Fidgeting: How to Fix Problems with Distractions

20170324_181302Distractions are literally every — are those brownies?

Writing takes focus and concentration, but putting yourself in a vacuum while writing is impossible as well as not ideal.  It seems like a good idea, right?  No sound, no other responsibilities, no distractions.  This kind of environment, theoretically, will help produce quality writing.  I have found that isn’t entirely true, though.

To an extent, eliminating distractions is a good thing,  but if I don’t have some sort of sound in the background whether it be a movie, tv show or music, I become distracted by the silence.  I’m not really sure why this is, but silence around me creates silence in my brain.

And perhaps my writing methods are not the most conventional, but they work for me (most days), so perhaps they will also work for some of you.  I know basically everyone on the face of the Earth frowns on multitasking, but that is yet another “eliminating distractions” rule I break almost every day.  I’ll write some on my novel, switch to another tab and edit a blog post, switch back and write some more, do a homework assignment, talk to my roommate…  While this may not be the most efficient method, it gets words on the page instead of just a blinking cursor.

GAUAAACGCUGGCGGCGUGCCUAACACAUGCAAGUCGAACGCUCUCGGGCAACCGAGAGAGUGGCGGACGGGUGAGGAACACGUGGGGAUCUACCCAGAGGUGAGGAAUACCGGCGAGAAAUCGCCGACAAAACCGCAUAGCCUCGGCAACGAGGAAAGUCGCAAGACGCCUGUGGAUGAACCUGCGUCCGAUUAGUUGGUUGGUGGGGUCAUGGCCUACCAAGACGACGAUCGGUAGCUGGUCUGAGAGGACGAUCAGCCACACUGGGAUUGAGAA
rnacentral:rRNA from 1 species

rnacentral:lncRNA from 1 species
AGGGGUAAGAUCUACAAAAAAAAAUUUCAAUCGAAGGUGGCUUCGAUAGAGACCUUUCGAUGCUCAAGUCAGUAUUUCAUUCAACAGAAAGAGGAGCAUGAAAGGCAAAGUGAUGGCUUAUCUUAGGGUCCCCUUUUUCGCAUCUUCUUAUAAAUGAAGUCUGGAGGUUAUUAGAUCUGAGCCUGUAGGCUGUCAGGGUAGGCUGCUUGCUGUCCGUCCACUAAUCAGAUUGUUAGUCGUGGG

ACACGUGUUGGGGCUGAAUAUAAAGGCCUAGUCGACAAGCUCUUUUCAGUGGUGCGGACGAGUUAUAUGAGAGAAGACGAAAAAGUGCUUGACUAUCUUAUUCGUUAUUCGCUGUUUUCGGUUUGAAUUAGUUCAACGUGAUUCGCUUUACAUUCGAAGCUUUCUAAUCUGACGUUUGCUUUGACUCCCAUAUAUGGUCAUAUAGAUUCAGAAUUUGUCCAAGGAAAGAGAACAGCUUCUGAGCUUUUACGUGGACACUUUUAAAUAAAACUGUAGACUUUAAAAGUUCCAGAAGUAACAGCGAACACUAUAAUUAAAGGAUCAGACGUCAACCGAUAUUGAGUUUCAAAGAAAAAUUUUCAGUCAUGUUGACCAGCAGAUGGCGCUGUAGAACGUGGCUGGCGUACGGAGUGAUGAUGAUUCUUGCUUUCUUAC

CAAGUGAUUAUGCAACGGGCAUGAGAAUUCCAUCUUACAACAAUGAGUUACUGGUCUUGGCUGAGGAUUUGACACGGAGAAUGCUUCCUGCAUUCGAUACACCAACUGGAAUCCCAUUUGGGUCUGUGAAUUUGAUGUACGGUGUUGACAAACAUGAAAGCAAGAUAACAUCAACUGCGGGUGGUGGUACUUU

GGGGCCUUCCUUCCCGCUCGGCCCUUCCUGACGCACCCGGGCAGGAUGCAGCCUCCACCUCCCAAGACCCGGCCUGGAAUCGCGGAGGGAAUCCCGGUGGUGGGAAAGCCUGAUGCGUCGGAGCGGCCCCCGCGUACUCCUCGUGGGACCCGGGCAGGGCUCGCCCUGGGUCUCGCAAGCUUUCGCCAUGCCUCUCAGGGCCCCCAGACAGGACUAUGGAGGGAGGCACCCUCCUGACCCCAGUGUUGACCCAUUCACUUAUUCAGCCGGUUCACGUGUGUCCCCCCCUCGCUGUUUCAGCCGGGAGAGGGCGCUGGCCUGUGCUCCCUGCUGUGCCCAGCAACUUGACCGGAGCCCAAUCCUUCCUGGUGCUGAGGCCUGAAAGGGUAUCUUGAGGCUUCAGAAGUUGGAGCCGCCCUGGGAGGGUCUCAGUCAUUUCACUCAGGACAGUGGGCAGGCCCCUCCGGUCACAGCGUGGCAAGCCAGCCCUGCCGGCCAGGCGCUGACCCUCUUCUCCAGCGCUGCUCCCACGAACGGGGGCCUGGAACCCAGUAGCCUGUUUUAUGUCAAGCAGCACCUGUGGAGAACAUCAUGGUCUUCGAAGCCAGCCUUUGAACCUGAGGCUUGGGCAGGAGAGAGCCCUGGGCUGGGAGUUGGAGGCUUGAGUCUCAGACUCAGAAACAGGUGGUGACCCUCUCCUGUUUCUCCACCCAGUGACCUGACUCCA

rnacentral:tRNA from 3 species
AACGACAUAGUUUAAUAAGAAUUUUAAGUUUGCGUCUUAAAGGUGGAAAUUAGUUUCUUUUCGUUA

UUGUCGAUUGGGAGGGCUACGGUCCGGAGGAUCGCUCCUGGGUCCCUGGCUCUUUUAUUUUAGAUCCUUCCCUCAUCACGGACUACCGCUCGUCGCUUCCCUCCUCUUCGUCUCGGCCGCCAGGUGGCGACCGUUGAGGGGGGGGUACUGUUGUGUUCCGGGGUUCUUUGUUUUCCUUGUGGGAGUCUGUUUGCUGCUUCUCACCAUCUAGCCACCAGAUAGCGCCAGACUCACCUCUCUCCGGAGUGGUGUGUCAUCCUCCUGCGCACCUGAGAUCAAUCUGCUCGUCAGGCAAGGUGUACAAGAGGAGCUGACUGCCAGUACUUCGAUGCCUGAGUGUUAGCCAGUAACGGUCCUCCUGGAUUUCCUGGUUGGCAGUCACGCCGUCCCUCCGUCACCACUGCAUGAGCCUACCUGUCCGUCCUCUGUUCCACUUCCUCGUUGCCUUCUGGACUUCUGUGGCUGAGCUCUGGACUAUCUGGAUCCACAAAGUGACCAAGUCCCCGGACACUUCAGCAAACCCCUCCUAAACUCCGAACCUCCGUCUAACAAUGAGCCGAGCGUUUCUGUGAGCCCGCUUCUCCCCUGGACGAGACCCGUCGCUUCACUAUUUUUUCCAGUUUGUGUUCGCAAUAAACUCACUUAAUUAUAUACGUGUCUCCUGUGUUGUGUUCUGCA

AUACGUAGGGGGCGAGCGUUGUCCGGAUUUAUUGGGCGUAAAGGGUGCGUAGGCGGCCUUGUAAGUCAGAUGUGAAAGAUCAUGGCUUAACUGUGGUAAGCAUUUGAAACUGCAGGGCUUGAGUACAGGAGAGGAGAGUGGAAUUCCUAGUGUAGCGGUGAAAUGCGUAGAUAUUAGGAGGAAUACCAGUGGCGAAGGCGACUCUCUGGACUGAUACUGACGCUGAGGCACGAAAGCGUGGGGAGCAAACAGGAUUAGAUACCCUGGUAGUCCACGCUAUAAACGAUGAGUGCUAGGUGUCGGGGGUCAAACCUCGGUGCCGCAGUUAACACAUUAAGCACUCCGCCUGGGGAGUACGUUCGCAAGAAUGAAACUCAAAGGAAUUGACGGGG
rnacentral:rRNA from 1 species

Because of my unconventional methods of productivity, though, when I actually sit down to write, I get fidgety.  I automatically feel like I should be doing ten different things at once, instead of focusing on just one.  I’m not sure if this is necessarily a problem, but it can get annoying sometimes, when my fingers want to type super fast on my keyboard, but my mind cannot come up with words to type.  That’s when I type random words just to feel productive, and sometimes those random words even turn into a great idea.

Distractions can be good or bad, but a vacuum free of “distractions” is one in itself, at least for me.  Perhaps I need to balance out my levels of distractions as I write, but it seems to be working for now.

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